Motherhood

Switching Daycares? How to Ease Your and Your Toddler’s Anxiety

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Switching daycares can be very stressful both for children and parents (OK, let’s be honest, moms). Here are a few tips to make the transition to a new daycare easier for you and your toddler. Hopefully these can relieve some of the anxiety you might feel about switching your toddler to a new daycare.

switching daycare toddlers tips graphic

This is not a blog post about whether you should switch daycares. That’s a whole other topic, and there could be so many reasons for switching daycares: from disappointment in your current daycare to other practical reasons, such as moving to a new house or getting a new job.

Our son is 2.5 years old and he’s been in three daycares so far (plus one full-time in-home childcare arrangement and two different babysitters). 

Why the heck did we switch daycares so much?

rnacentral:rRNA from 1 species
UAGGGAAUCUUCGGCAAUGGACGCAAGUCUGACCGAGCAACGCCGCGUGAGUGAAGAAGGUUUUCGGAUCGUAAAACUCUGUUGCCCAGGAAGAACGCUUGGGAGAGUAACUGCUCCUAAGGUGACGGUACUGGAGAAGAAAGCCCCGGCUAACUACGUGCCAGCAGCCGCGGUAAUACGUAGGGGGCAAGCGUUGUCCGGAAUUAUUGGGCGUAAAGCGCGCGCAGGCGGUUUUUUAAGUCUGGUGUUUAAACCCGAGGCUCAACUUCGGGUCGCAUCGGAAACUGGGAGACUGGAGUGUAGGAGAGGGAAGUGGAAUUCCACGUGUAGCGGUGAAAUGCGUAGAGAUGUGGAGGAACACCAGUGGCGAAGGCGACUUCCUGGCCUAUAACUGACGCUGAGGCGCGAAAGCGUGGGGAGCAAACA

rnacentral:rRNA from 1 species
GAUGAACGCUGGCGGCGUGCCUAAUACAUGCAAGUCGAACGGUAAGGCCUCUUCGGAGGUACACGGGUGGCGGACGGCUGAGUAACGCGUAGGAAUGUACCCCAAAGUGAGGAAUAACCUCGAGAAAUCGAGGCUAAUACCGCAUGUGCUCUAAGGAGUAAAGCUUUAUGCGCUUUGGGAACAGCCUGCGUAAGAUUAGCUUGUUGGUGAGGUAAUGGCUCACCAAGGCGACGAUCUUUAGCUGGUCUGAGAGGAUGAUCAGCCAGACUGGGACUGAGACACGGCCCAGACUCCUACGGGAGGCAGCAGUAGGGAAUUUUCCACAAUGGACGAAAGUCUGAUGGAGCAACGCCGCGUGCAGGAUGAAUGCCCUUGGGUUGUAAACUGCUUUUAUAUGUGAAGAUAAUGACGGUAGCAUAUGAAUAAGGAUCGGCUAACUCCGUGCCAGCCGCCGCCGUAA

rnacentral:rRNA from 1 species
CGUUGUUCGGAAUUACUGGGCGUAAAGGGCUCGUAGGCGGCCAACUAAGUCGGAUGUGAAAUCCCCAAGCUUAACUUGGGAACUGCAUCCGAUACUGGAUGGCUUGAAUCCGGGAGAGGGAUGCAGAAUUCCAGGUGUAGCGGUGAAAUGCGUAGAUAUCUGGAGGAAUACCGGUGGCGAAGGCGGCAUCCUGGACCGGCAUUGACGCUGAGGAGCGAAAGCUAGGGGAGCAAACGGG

The first time we switched daycares was because we decided to go from part time to full time, and wanted to enroll him in a “school” where there was more learning and less screen time. I had no reservations about making that change, I knew it was for the best.

The second time we started our son at a new daycare was because we had to evacuate after hurricane Dorian and were living with my mom for a few months while I had to work full time, so I had to quickly find him a new daycare (I found and toured a daycare all in one day and signed him up!).

The third time was when we moved back to the Bahamas and he went back to his full time daycare, but it was a new teacher, new classroom, new everything.

He’s going to have to start a new daycare when we move back to the US. We’ve been through this many times and I am not that worried about the next time we have to start at a new daycare.